IRN-BRU have tasted victory in their latest battle with TV viewers offended by a recent advert for the popular Scottish soft drink.
The televised advert features a well-endowed mother named Linda showing off her cleavage to her teenage son and his two friends, with the son drinking Irn-Bru to help cope with the shock.
It attracted 176 complaints, with some viewers claiming the advert was sexist, demeaning to women and unsuitable for children. However, the Advertising Standards Agency said yesterday that the commercial was clearly a joke, adding that they considered ‘most viewers would interpret the situation as surreal...rather than as depicting realistic and sexually inappropriate behaviour.’
The drink’s makers, AG Barr, have gained notoriety for their near-the-knuckle marketing campaigns, and have attracted criticism for adverts in the past.
Ofcom ruled in 2004 that an advert showing a mother shaving and telling her family she ‘used to be a man’ could offend transsexuals while another advert showing a midwife coaxing a baby out of the womb with a can of Irn-Bru also received a large number of complaints.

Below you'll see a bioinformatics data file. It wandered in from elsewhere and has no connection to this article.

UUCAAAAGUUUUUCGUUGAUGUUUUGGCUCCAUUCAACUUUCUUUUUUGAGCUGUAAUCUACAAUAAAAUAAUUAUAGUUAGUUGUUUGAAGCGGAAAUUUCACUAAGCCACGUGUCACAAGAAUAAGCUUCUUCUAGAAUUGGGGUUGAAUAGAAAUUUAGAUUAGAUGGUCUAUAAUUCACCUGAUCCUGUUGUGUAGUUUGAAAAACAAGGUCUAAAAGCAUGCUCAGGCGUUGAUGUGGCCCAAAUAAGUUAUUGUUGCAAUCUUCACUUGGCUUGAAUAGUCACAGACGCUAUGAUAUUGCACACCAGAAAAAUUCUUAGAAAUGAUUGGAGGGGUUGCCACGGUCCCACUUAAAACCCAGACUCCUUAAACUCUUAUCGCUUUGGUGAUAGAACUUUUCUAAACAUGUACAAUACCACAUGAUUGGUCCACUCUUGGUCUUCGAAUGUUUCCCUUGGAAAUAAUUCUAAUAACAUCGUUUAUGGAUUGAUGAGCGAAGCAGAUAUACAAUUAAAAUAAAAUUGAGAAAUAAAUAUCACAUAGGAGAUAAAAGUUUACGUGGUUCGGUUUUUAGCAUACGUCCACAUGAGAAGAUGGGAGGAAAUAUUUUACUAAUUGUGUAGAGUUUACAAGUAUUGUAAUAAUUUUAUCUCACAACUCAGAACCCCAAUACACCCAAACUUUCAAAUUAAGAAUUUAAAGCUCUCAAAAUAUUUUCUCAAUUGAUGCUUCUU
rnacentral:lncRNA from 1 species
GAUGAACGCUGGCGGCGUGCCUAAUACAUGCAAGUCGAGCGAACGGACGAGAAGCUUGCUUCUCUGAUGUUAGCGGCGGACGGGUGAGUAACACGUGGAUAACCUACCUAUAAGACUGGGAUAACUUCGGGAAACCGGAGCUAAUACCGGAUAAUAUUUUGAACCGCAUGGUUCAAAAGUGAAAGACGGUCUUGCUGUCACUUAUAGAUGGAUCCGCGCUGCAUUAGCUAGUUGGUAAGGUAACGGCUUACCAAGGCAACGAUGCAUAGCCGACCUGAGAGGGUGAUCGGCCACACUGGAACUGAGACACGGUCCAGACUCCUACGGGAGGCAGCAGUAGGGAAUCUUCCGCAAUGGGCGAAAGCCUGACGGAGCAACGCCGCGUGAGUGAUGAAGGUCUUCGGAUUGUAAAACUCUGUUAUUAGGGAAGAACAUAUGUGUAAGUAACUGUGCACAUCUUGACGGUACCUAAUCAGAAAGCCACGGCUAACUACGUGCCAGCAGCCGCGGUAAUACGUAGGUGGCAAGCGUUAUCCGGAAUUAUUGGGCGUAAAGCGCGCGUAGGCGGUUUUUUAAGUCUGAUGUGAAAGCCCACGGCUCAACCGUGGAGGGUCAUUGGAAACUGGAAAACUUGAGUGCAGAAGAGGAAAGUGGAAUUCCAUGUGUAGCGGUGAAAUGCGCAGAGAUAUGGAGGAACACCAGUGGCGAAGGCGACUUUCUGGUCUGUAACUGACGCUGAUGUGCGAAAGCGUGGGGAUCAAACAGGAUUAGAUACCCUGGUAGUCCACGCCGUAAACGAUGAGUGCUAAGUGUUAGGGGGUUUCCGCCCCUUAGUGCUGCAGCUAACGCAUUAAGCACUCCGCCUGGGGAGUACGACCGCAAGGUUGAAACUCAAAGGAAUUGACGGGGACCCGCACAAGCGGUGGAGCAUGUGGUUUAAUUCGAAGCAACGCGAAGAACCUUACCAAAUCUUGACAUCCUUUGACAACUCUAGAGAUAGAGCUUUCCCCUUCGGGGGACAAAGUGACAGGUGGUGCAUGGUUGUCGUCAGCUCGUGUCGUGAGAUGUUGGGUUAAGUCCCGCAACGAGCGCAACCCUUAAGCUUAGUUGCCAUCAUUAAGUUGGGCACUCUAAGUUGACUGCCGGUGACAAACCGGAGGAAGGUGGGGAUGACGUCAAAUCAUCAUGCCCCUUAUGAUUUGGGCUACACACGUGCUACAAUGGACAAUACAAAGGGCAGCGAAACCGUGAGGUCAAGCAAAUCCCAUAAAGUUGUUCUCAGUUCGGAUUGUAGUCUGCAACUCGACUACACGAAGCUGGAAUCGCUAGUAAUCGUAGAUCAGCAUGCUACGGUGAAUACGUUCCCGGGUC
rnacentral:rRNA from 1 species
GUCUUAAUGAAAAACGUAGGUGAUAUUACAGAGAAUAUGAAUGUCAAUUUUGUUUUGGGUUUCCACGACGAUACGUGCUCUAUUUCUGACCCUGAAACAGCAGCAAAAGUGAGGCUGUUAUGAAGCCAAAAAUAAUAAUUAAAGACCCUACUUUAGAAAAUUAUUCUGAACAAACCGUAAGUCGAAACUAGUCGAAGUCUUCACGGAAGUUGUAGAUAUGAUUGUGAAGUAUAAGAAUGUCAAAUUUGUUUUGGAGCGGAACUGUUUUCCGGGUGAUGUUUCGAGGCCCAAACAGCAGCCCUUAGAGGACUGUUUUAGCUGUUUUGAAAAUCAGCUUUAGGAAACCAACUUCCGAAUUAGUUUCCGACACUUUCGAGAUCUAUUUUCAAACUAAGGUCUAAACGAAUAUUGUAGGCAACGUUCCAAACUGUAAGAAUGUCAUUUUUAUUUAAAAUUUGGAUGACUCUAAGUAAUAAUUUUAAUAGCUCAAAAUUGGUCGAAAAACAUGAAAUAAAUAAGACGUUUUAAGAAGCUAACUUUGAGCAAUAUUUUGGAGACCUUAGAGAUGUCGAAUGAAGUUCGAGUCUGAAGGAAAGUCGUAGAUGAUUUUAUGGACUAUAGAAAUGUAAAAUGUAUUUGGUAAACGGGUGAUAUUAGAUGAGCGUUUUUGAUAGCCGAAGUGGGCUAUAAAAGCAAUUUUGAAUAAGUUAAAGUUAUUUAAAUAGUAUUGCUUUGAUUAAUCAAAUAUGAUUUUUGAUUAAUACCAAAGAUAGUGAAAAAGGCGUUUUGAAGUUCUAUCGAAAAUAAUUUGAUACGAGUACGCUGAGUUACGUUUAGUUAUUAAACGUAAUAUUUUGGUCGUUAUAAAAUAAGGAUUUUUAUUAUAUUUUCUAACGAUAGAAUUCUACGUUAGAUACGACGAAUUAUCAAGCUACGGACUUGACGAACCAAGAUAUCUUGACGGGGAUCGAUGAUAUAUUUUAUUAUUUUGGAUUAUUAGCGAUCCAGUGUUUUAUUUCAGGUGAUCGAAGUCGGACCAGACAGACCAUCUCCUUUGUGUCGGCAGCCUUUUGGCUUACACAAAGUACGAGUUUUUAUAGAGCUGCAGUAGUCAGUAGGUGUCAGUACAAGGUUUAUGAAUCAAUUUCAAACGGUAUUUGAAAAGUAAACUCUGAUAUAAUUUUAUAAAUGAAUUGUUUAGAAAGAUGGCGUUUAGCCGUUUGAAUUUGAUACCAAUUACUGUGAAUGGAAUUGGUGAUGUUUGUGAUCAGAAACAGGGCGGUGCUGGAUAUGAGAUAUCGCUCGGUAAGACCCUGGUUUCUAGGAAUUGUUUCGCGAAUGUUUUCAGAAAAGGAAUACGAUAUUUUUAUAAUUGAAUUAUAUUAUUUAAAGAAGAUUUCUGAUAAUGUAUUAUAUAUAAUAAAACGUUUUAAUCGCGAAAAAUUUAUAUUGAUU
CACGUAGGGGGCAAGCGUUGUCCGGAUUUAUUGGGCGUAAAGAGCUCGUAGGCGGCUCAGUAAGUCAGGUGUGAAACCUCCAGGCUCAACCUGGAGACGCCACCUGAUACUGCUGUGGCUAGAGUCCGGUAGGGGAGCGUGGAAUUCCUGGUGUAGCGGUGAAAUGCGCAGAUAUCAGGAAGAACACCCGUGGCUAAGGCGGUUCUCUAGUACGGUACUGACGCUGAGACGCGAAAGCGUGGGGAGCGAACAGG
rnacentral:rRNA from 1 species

In 2006, the drinks firm agreed to revise an advert for the Irn-Bru 32 energy drink that featured an aggressive cuckoo, after police expressed fears that it could encourage violence.
The ASA are currently investigating complaints that another of AG Barr’s adverts for the drink is anti-English. A Scots father is seen drinking Irn-Bru to deal with the news that his daughter’s boyfriend is English.
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